In the SEM image obtained to evaluate the surface morphology of REB, it was observed that REB has a slightly porous structure that allows the adsorption of Cr(VI) and Cu(II) ions (Figure 1). The FTIR spectrum for REB is given in Figure 2. The O–H groups were observed by a broad band at 3,298 cm−1 (Mama et al. 2022). The peak at 1,024 cm−1 is due to the stretching vibration of the C–O bond (Ou et al. 2012). The peaks at 2,917.8, 1,732.8, and 1,623.2 cm−1 are attributed to the stretching vibrations of C–H (aromatic and aliphatic), C = O, and C = C (aromatic) bonds, respectively (Serencam et al. 2014). The peaks observed at 1,371.2 and 1,421 cm−1 correspond to the bending vibration of the C–H bond (Cao et al. 2013).
Figure 1

SEM image of REB.

Figure 1

SEM image of REB.

Close modal
Figure 2

FTIR spectra of REB.

Figure 2

FTIR spectra of REB.

Close modal

The specific surface area of REB calculated by the BET method was found to be 5.15 m2 g−1. The pH value at which the adsorbent's surface becomes electrically neutral is the term ‘point-of-zero charge’ (pHpzc) in the literature (Moharami & Jalali 2013). The pHpzc value of REB was determined to be 3.4. Functional groups on the REB surface were electrically charged as negative at higher pH values (pH > pHpzc) and charged as positive at lower pH values (pH < pHpzc).

Influences of initial pH on Cr(VI) and Cu(II) adsorption onto REB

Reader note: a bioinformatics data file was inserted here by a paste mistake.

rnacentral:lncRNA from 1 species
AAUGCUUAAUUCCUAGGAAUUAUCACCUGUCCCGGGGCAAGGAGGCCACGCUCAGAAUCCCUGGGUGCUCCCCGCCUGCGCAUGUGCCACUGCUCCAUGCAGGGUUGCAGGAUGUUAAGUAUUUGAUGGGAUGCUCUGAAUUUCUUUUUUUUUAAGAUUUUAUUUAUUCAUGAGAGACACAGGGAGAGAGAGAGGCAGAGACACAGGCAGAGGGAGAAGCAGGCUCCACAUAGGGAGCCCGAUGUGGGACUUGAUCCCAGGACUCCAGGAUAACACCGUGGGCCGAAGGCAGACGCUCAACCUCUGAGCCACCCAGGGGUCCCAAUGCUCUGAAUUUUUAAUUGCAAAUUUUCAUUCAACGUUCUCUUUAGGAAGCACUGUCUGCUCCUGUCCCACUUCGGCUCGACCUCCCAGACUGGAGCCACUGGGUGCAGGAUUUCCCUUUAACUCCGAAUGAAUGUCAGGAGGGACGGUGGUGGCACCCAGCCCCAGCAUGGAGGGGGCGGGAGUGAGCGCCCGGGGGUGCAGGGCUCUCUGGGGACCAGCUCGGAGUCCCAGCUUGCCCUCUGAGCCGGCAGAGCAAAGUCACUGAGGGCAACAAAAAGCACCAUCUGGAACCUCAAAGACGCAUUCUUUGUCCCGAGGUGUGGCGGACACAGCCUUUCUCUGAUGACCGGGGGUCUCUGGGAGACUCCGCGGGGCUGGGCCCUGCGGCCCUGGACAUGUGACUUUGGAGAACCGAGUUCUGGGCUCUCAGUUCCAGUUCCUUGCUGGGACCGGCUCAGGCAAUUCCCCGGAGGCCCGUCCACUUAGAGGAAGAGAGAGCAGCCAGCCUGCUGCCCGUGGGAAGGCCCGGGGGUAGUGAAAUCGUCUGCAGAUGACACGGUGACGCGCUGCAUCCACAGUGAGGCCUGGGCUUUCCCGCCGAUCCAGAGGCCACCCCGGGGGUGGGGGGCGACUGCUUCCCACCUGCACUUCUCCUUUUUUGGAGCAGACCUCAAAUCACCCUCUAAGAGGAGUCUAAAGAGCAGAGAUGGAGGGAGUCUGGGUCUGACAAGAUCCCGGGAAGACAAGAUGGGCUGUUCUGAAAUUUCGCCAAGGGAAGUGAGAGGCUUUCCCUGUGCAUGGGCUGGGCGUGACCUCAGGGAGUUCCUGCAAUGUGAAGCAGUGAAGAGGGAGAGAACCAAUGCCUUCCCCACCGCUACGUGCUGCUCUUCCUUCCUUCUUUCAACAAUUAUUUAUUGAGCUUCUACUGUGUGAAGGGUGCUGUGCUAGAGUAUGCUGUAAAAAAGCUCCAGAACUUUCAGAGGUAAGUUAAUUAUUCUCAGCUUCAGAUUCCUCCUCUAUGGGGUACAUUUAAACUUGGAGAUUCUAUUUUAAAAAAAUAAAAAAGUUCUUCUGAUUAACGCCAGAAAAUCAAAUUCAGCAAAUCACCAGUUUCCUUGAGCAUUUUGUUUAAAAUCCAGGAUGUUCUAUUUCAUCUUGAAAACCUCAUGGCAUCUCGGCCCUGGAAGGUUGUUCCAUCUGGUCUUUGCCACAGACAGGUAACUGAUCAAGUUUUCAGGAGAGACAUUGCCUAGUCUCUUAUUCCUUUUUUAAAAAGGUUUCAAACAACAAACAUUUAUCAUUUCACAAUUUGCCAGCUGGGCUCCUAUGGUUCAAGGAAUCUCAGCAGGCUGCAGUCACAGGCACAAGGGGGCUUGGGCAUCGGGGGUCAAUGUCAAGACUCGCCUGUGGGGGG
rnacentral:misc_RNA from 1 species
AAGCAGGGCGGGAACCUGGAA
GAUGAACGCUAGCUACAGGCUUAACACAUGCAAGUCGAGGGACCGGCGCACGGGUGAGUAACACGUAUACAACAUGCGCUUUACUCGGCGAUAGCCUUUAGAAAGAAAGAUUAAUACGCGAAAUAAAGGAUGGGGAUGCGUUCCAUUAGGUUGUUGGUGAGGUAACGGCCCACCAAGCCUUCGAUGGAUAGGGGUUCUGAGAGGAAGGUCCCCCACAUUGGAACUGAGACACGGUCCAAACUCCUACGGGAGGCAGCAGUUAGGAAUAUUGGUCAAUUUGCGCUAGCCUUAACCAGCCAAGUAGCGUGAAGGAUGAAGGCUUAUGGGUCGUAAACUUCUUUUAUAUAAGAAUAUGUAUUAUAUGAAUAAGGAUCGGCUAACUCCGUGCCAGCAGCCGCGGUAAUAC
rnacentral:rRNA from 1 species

Of all conditions, first, the initial pH of aqueous solutions has to be optimized since it directly impacts the electrical charge of the adsorbent's surface as the liquid and the solid phases contact each other. The uptake efficiency of Cr(VI) and Cu(II) ions was investigated by testing the relevant solutions with different initial pH values in the range of 1.0–4.0 for Cr(VI) and 3.0–6.0 for Cu(II) ions. The suspensions, including 50 mg L−1 of pollutant ions and 2.0 g L−1 of REB, were agitated for 360 min and then centrifuged. The levels of Cr(VI) and Cu(II) ions in the solution were detected by FAAS. As the initial pH of Cu(II) solution is increased from 3.0 to 5.0, the qe values increased from 3.6 to 9.9 mg g−1 sharply and reached maximum value at pH 5.0 (Figure 3). At lower pH values (pH < pHpzc), the H3O+ ions excessively present in the aquatic media firmly covered the available active sites of REB, and the surface functional groups charged positively. In this case, the interactions between the surface functional groups of REB and the Cu(II) cations were interrupted, and qe decreased. Conversely, when the pH of the solution was higher than pHpzc, interactions between the negatively charged surface functional groups of REB and Cu(II) cations occurring electrostatically caused an increase in adsorption efficiency.
Figure 3

Impact of initial pH on the uptake of heavy metal ions (initial metal ion conc.: 50 mg L−1, REB conc.: 2.0 g L−1, contact time: 360 min).

Figure 3

Impact of initial pH on the uptake of heavy metal ions (initial metal ion conc.: 50 mg L−1, REB conc.: 2.0 g L−1, contact time: 360 min).

Close modal